The equivalent of CPM for website owners is called RPM (Revenue Per Thousand) and it is calculated as the amount websites earn per 1,000 impressions.
Note: CPM is often casually used to refer to RPM for reasons I’ll get into below.
The CPM Equation
CPM is calculated using the following formula:
CPM = (Amount Spent ÷ Impressions) x 1000
You can use this exact same formula to work out your RPM (just changing Spent to Received) which is why the term CPM is used in place of RPM most of the time.
The RPM Equation
RPM is calculated using the following formula:
RPM = (Amount Earned ÷ Impressions) x 1000
As you can see, it is essentially the exact same formula as used to work out CPM (just changing cost into revenue). Again, this is why the term CPM is used in place of RPM most of the time.
A Quick Word About Impressions
Just to quickly clarify, CPM and RPM stand for cost per thousand (M is the Roman numeral for one thousand), but neither specify 1,000 *what*. This is because the implication is that they are talking about 1,000 impressions, and there are lots of different types of impressions.
An impression itself simply means something loading one time. So an ad impression in an ad loading one time, and a page impression is a webpage loading one time. When someone uses the word impressions they usually mean ad impressions, but it’s always best to clarify.
The Difference Between CPM and RPM
When an advertiser buys advertising space, they generally don’t buy it directly from the website. This *can* happen, but most of the time an advertiser will be buying their ad space through an ad agency, and a website will be selling their ad space through an ad network.
On top of that, there are several technical issues which other companies need to be brought in to solve – such as tracking and hosting the ads.
All of these other parties need to get paid, which is why the process looks something like this:
- An Advertiser pays an Ad Agency to run ads. The amount the advertiser pays per 1,000 impressions is called the CPM price.
- The Ad Agency will keep ad serving costs (the amount they are being paid to manage the ads), and will also likely hire a Third Party Ad Server to store the ads on their server and track the ads – who will also receive some fees.
- The Ad Agency then books ads onto an Ad Network which manages where ads are shown, and who will split the amount being paid with the websites the campaign is running on. The Ad Network will use an Ad Server to make delivering ads more efficient, and the Ad Server will also get paid some fees.
Note: The amount the Ad Network charges the Ad Agency per 1,000 impressions is also called a CPM (although it will be lower than the original CPM due to what the agency has already paid, and how low a price the Ad Agency can negotiate).
- The Website will get paid on a regular basis by the Ad Network, who in turn get paid by the Ad Agency. The amount that the website gets paid per 1,000 impressions at the end is called the RPM. It is generally a payout which combines all the money the website has earned through the Ad Network from multiple ad campaigns, rather than split on a campaign by campaign basis.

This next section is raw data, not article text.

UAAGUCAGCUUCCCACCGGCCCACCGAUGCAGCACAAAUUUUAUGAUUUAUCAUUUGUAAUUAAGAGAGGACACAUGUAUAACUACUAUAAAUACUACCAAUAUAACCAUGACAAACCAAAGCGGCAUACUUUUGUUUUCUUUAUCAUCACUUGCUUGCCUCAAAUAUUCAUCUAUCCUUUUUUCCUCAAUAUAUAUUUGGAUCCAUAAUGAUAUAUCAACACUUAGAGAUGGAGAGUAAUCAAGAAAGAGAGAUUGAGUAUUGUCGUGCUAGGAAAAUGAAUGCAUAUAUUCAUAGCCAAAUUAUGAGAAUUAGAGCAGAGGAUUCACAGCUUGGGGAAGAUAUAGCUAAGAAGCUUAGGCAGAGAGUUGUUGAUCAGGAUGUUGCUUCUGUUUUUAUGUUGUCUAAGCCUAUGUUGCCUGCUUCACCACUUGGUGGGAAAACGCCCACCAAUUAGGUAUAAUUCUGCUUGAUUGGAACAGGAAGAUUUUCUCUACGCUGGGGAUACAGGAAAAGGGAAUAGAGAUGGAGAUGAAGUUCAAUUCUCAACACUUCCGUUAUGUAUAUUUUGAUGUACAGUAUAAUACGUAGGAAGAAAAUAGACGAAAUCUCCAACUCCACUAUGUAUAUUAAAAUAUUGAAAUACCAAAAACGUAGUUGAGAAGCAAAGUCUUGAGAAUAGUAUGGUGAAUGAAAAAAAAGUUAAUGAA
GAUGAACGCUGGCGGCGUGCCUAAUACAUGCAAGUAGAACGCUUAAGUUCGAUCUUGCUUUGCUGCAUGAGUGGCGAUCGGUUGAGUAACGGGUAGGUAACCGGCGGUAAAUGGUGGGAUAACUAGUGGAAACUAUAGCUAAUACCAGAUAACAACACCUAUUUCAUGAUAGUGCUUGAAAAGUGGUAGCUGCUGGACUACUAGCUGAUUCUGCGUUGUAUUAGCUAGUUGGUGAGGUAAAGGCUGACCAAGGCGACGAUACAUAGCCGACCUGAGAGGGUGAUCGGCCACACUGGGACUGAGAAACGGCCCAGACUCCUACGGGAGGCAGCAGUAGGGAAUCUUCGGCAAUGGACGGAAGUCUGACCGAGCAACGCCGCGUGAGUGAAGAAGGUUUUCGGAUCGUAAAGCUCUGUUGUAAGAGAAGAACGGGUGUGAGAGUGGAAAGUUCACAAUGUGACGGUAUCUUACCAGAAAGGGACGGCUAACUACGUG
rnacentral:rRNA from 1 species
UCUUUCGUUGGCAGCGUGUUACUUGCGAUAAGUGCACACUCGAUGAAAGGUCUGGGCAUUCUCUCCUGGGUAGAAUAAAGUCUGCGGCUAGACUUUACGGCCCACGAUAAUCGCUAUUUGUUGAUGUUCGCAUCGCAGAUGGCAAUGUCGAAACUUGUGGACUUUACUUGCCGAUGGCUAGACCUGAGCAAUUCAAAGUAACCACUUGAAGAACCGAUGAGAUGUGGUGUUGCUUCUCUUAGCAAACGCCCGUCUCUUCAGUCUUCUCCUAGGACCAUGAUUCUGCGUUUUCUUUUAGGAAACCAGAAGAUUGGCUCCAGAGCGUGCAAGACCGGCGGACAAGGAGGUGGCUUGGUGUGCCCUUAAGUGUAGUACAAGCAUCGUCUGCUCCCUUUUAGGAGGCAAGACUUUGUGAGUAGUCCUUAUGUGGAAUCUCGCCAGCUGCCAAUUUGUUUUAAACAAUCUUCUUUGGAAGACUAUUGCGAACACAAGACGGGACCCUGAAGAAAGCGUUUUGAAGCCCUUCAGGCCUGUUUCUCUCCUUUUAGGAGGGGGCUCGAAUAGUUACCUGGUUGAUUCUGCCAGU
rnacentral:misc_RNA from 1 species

It should be noted that while the ad agency may also design the ads or do other work around an ad campaign. However, the money spent on this work is not part of the original CPM price – the CPM only covers the cost of actually running the ads.
Who Gets The Most Money From Online Advertising?
There is no standard answer to this but probably for an individual campaign, it’s the Ad Network who makes the most. The split in revenue goes something like:
- The Ad Agency will receive 10%–20% of total spend for management costs + a flat fee. Different agencies structure this in different ways but this is about standard.
- The Ad Servers hired by both the Ad Agency and Ad Network will make a pretty negligible amount from each deal – probably less than 1 penny CPM.
- The Ad Network usually has a deal which means they receive between 30%–60% of the revenue from the Ad Agency (60% is a lot more common than 30% though – only big, famous sites get revenue splits that are favourable to them).
The Ad Network receives the majority split because they are doing the majority of the work around the ad campaigns. They make sure the ads actually technically work, *and* perform well, *and* have to juggle the needs of multiple websites and ad agencies at once.
Also, Ad Networks often offer a 10–15% discount to agencies who book multiple times from them, which come out of the ad networks ‘cut’.
- Websites at the end of the chain will receive between 30%-60% of the original money spent on the ads (with 30% being much more common than 60%). This can seem unfair as the website is providing the place to advertise and audience to advertise to. However, without all the other links in the chain there may not be any advertising revenue to start with (yes a website can run its own ad campaigns, but it’s a lot of work and a lot of risk to take on).
I hope this helps,
I hope this all helps,